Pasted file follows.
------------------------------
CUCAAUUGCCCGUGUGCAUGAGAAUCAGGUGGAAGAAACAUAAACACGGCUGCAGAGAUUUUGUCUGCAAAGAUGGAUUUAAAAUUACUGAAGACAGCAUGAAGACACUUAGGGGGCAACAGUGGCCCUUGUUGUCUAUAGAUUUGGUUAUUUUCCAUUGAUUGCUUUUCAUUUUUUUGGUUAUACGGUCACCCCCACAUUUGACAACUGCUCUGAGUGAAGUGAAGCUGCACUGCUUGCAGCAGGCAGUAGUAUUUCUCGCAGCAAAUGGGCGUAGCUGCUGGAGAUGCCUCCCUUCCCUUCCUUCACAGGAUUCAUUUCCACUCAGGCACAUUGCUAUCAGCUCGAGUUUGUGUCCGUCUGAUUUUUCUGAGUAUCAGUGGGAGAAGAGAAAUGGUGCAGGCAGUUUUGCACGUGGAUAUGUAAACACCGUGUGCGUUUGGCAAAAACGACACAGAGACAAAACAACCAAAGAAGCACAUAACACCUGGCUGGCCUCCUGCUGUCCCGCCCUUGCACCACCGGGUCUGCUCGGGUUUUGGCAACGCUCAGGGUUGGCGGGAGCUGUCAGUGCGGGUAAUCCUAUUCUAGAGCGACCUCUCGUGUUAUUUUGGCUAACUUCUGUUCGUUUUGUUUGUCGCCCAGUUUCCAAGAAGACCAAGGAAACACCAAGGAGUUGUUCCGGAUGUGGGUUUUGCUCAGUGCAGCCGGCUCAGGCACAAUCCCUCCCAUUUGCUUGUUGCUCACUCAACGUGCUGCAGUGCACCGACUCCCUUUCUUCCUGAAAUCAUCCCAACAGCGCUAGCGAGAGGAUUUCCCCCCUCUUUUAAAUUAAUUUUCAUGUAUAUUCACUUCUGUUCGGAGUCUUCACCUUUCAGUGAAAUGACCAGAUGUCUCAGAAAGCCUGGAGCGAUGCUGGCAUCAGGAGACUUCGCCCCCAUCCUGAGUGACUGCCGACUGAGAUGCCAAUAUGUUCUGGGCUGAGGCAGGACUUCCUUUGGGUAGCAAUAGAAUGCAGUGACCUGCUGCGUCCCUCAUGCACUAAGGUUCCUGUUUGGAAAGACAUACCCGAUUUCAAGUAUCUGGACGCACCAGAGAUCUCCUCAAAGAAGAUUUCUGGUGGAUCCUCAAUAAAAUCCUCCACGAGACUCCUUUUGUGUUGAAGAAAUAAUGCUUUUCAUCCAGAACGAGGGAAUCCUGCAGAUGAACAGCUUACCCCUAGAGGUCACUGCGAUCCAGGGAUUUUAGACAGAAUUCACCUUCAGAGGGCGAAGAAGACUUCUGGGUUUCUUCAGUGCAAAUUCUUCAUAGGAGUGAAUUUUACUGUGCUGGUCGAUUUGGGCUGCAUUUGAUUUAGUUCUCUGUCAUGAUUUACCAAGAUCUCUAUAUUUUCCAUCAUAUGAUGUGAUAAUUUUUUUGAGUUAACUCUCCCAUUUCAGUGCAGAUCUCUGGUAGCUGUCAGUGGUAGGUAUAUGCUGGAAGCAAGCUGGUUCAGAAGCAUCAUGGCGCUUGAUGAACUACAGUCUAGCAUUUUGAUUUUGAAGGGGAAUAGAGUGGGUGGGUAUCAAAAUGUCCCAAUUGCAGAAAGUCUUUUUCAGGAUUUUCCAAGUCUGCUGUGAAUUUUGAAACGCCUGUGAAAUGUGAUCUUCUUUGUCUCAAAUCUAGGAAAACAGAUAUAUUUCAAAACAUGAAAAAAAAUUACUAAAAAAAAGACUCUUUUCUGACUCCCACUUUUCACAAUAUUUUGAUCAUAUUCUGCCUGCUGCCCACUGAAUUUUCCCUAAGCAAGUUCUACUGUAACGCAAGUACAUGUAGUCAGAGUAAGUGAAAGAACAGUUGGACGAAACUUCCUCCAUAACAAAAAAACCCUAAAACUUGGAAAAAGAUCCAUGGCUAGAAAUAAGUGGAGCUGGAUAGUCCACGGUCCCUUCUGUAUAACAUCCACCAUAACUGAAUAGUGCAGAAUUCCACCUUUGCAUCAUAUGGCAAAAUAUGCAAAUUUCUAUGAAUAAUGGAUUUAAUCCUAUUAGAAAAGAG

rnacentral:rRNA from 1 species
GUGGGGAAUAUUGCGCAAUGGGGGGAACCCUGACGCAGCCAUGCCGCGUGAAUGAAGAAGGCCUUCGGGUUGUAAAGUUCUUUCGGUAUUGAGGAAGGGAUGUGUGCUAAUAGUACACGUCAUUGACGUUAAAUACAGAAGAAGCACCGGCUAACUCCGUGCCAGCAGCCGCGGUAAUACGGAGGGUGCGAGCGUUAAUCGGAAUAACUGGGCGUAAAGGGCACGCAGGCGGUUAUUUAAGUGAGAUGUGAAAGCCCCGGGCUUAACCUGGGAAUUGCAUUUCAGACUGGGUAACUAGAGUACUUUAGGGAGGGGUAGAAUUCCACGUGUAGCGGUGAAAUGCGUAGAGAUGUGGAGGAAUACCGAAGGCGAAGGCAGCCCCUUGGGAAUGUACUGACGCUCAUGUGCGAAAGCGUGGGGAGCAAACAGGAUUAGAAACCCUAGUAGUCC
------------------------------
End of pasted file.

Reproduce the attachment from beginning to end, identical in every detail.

CUCAAUUGCCCGUGUGCAUGAGAAUCAGGUGGAAGAAACAUAAACACGGCUGCAGAGAUUUUGUCUGCAAAGAUGGAUUUAAAAUUACUGAAGACAGCAUGAAGACACUUAGGGGGCAACAGUGGCCCUUGUUGUCUAUAGAUUUGGUUAUUUUCCAUUGAUUGCUUUUCAUUUUUUUGGUUAUACGGUCACCCCCACAUUUGACAACUGCUCUGAGUGAAGUGAAGCUGCACUGCUUGCAGCAGGCAGUAGUAUUUCUCGCAGCAAAUGGGCGUAGCUGCUGGAGAUGCCUCCCUUCCCUUCCUUCACAGGAUUCAUUUCCACUCAGGCACAUUGCUAUCAGCUCGAGUUUGUGUCCGUCUGAUUUUUCUGAGUAUCAGUGGGAGAAGAGAAAUGGUGCAGGCAGUUUUGCACGUGGAUAUGUAAACACCGUGUGCGUUUGGCAAAAACGACACAGAGACAAAACAACCAAAGAAGCACAUAACACCUGGCUGGCCUCCUGCUGUCCCGCCCUUGCACCACCGGGUCUGCUCGGGUUUUGGCAACGCUCAGGGUUGGCGGGAGCUGUCAGUGCGGGUAAUCCUAUUCUAGAGCGACCUCUCGUGUUAUUUUGGCUAACUUCUGUUCGUUUUGUUUGUCGCCCAGUUUCCAAGAAGACCAAGGAAACACCAAGGAGUUGUUCCGGAUGUGGGUUUUGCUCAGUGCAGCCGGCUCAGGCACAAUCCCUCCCAUUUGCUUGUUGCUCACUCAACGUGCUGCAGUGCACCGACUCCCUUUCUUCCUGAAAUCAUCCCAACAGCGCUAGCGAGAGGAUUUCCCCCCUCUUUUAAAUUAAUUUUCAUGUAUAUUCACUUCUGUUCGGAGUCUUCACCUUUCAGUGAAAUGACCAGAUGUCUCAGAAAGCCUGGAGCGAUGCUGGCAUCAGGAGACUUCGCCCCCAUCCUGAGUGACUGCCGACUGAGAUGCCAAUAUGUUCUGGGCUGAGGCAGGACUUCCUUUGGGUAGCAAUAGAAUGCAGUGACCUGCUGCGUCCCUCAUGCACUAAGGUUCCUGUUUGGAAAGACAUACCCGAUUUCAAGUAUCUGGACGCACCAGAGAUCUCCUCAAAGAAGAUUUCUGGUGGAUCCUCAAUAAAAUCCUCCACGAGACUCCUUUUGUGUUGAAGAAAUAAUGCUUUUCAUCCAGAACGAGGGAAUCCUGCAGAUGAACAGCUUACCCCUAGAGGUCACUGCGAUCCAGGGAUUUUAGACAGAAUUCACCUUCAGAGGGCGAAGAAGACUUCUGGGUUUCUUCAGUGCAAAUUCUUCAUAGGAGUGAAUUUUACUGUGCUGGUCGAUUUGGGCUGCAUUUGAUUUAGUUCUCUGUCAUGAUUUACCAAGAUCUCUAUAUUUUCCAUCAUAUGAUGUGAUAAUUUUUUUGAGUUAACUCUCCCAUUUCAGUGCAGAUCUCUGGUAGCUGUCAGUGGUAGGUAUAUGCUGGAAGCAAGCUGGUUCAGAAGCAUCAUGGCGCUUGAUGAACUACAGUCUAGCAUUUUGAUUUUGAAGGGGAAUAGAGUGGGUGGGUAUCAAAAUGUCCCAAUUGCAGAAAGUCUUUUUCAGGAUUUUCCAAGUCUGCUGUGAAUUUUGAAACGCCUGUGAAAUGUGAUCUUCUUUGUCUCAAAUCUAGGAAAACAGAUAUAUUUCAAAACAUGAAAAAAAAUUACUAAAAAAAAGACUCUUUUCUGACUCCCACUUUUCACAAUAUUUUGAUCAUAUUCUGCCUGCUGCCCACUGAAUUUUCCCUAAGCAAGUUCUACUGUAACGCAAGUACAUGUAGUCAGAGUAAGUGAAAGAACAGUUGGACGAAACUUCCUCCAUAACAAAAAAACCCUAAAACUUGGAAAAAGAUCCAUGGCUAGAAAUAAGUGGAGCUGGAUAGUCCACGGUCCCUUCUGUAUAACAUCCACCAUAACUGAAUAGUGCAGAAUUCCACCUUUGCAUCAUAUGGCAAAAUAUGCAAAUUUCUAUGAAUAAUGGAUUUAAUCCUAUUAGAAAAGAG

rnacentral:rRNA from 1 species
GUGGGGAAUAUUGCGCAAUGGGGGGAACCCUGACGCAGCCAUGCCGCGUGAAUGAAGAAGGCCUUCGGGUUGUAAAGUUCUUUCGGUAUUGAGGAAGGGAUGUGUGCUAAUAGUACACGUCAUUGACGUUAAAUACAGAAGAAGCACCGGCUAACUCCGUGCCAGCAGCCGCGGUAAUACGGAGGGUGCGAGCGUUAAUCGGAAUAACUGGGCGUAAAGGGCACGCAGGCGGUUAUUUAAGUGAGAUGUGAAAGCCCCGGGCUUAACCUGGGAAUUGCAUUUCAGACUGGGUAACUAGAGUACUUUAGGGAGGGGUAGAAUUCCACGUGUAGCGGUGAAAUGCGUAGAGAUGUGGAGGAAUACCGAAGGCGAAGGCAGCCCCUUGGGAAUGUACUGACGCUCAUGUGCGAAAGCGUGGGGAGCAAACAGGAUUAGAAACCCUAGUAGUCC